Overnight Finance

On The Money: Biden faces backlash from left on student loans | Where things stand on the COVID-19 relief measure | Retail sales rebound

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THE BIG DEAL—Biden faces backlash from left on student loans: President Biden is facing intense backlash from progressive lawmakers after saying Tuesday he would not sign a measure to forgive up to $50,000 in federally held student debt per borrower through executive action.

  • During a CNN town hall, Biden shot down the debt forgiveness plan pushed by top Democratic lawmakers and prominent progressives, including Senate Majority Leader Charles Schumer (N.Y.), Sen. Elizabeth Warren (Mass.) and Rep. Alexandria Ocasio-Cortez (N.Y.)
  • He reiterated his previous support for up to $10,000 in debt relief per borrower, but expressed concerns that a higher total forgiven through executive action would disproportionately aid the well-off and potentially violate the law.

“I will not make that happen,” Biden said when asked about whether he would support $50,000 in student loan forgiveness. The Hill’s Brett Samuels and I have more about the fallout here.

The backlash: Biden’s public, unequivocal refusal to go as far as progressives want stirred up the president’s first big fight with the left since taking office.

“An ocean of student loan debt is holding back 43 million borrowers and disproportionately weighing down Black and Brown Americans,” said Schumer and Warren in a joint statement Wednesday. “It’s time to act. We will keep fighting,” they said.

While Biden’s refusal to aim higher on debt relief disappointed progressives, his justification enraged them.

“Who cares what school someone went to? Entire generations of working-class kids were encouraged to go into more debt under the guise of elitism. This is wrong,” Ocasio-Cortez tweeted Wednesday. “Nowhere does it say we must trade-off early childhood education for student loan forgiveness. We can have both.”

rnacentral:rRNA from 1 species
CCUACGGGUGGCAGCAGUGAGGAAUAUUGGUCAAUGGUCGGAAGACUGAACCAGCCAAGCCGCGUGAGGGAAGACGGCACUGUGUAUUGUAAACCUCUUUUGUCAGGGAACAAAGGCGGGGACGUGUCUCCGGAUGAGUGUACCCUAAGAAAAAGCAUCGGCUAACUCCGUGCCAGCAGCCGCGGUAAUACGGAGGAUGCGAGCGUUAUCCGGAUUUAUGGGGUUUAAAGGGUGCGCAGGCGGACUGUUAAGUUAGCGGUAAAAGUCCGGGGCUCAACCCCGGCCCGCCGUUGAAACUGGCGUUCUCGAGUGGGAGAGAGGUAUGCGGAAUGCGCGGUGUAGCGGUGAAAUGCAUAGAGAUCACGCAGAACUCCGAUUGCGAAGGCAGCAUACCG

What comes next: White House press secretary Jen Psaki said Wednesday the previously announced legal review of Biden’s debt forgiveness authority wouldn’t happen until after Attorney General-designate Merrick Garland has been confirmed by the Senate, raising the prospect of further delays on a debt wipeout.

Psaki also suggested Wednesday that Biden would limit debt relief based on a borrower’s income and educational attainment — a far cry from the bigger, unilateral wipe out supported by progressives.

LEADING THE DAY – Where things stand on the COVID-19 relief measure: Democrats are aiming to move quickly on a $1.9 trillion coronavirus relief package and give President Biden a legislative accomplishment early in his tenure. A multitude of House committees advanced portions of the bill last week, and House Majority Leader Steny Hoyer (D-Md.) told colleagues on Tuesday that the plan is for the bill to be considered on the House floor next week. But the bigger challenge will be when the work shifts over to the Senate. Here’s the latest on the status on some of the main portions of the relief package:

  • Minimum wage: A provision raising the minimum wage gradually from $7.25 per hour to $15 per hour is expected to pass the House but could face obstacles in the Senate. Democratic Sens. Joe Manchin (W.Va.) and Kyrsten Sinema (Ariz.) dislike the provision, and it’s unclear whether the Senate parliamentarian will allow it in a budget reconciliation bill.
  • Direct payments: House Democrats’ legislation includes direct payments for most Americans of $1,400 per person. The measure addresses a debate over income eligibility requirements by keeping the same phaseout thresholds as the first two rounds, while ensuring that families with income of more than $200,000 aren’t eligible for checks.